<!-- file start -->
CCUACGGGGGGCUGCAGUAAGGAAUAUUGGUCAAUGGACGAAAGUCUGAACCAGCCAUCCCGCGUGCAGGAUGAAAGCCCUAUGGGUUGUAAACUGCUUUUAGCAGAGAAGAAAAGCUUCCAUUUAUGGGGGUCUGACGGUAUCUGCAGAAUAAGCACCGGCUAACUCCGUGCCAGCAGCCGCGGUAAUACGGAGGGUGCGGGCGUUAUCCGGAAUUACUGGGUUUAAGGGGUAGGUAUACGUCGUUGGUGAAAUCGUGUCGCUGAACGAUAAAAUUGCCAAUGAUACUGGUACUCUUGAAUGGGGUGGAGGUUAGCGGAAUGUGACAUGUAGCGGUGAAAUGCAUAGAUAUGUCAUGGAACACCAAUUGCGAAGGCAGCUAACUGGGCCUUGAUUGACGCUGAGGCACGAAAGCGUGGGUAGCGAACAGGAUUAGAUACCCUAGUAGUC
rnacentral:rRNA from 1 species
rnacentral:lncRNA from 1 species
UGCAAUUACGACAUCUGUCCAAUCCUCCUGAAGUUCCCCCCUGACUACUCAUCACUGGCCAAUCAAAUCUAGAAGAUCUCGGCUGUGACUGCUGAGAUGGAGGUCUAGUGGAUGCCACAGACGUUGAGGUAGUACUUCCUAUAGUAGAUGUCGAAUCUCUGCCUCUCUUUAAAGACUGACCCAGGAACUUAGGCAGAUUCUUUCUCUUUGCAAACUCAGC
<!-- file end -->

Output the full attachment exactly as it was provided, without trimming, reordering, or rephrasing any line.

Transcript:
CCUACGGGGGGCUGCAGUAAGGAAUAUUGGUCAAUGGACGAAAGUCUGAACCAGCCAUCCCGCGUGCAGGAUGAAAGCCCUAUGGGUUGUAAACUGCUUUUAGCAGAGAAGAAAAGCUUCCAUUUAUGGGGGUCUGACGGUAUCUGCAGAAUAAGCACCGGCUAACUCCGUGCCAGCAGCCGCGGUAAUACGGAGGGUGCGGGCGUUAUCCGGAAUUACUGGGUUUAAGGGGUAGGUAUACGUCGUUGGUGAAAUCGUGUCGCUGAACGAUAAAAUUGCCAAUGAUACUGGUACUCUUGAAUGGGGUGGAGGUUAGCGGAAUGUGACAUGUAGCGGUGAAAUGCAUAGAUAUGUCAUGGAACACCAAUUGCGAAGGCAGCUAACUGGGCCUUGAUUGACGCUGAGGCACGAAAGCGUGGGUAGCGAACAGGAUUAGAUACCCUAGUAGUC
rnacentral:rRNA from 1 species
rnacentral:lncRNA from 1 species
UGCAAUUACGACAUCUGUCCAAUCCUCCUGAAGUUCCCCCCUGACUACUCAUCACUGGCCAAUCAAAUCUAGAAGAUCUCGGCUGUGACUGCUGAGAUGGAGGUCUAGUGGAUGCCACAGACGUUGAGGUAGUACUUCCUAUAGUAGAUGUCGAAUCUCUGCCUCUCUUUAAAGACUGACCCAGGAACUUAGGCAGAUUCUUUCUCUUUGCAAACUCAGC